|Oracle® OLAP DML Reference
11g Release 2 (11.2)
Part Number E17122-05
DECIMAL when the selected column contains numeric or Boolean data; NA when the column (n) contains only a TEXT or ID value; or an error when the specified column is the current column, a column to the right of the current column, or a nonexistent column
The number of the column in the current row whose value you want; n can be any
Use a positive number to identify an absolute column number (counting left to right from the left margin of the report). In figuring an absolute column number, you must count all columns shown in the report. For example, when you are using a REPORT command that produces a column of labels down the left side of the report, you count this column of labels as column 1.For example,
COLVAL(2) identifies the second column from the left margin of the report.
Use a negative number to identify a relative column number (counting right to left from the current column). For example,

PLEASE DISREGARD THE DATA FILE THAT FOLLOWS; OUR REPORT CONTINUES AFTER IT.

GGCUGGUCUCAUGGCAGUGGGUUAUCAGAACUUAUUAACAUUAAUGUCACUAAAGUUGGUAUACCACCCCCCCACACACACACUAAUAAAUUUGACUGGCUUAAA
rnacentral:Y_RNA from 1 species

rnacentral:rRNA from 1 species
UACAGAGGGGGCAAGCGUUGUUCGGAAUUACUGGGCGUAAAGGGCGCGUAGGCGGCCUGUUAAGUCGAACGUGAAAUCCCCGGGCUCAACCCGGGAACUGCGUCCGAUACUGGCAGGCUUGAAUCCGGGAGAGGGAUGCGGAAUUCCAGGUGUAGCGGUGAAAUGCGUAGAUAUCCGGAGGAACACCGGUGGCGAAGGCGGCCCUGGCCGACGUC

COLVAL(-2) identifies the column that is two columns to the left of the current column.
Example 7-46 Performing Column Calculations in a Report
Suppose in a report you want to show actual sales and planned sales, along with the difference between the two. You can use the COLVAL function to calculate this difference.
LIMIT month TO 'Jun96' LIMIT district TO 'Boston' FOR product ROW product sales sales.plan COLVAL(2)-COLVAL(3)
These statements produce the following output.
Tents 95,120.83 80,138.18 14,982.65 Canoes 157,762.08 132,931.39 24,830.69 Racquets 97,174.44 84,758.46 12,415.98 Sportswear 79,630.20 73,568.52 6,061.68 Footwear 153,688.02 109,219.15 44,468.87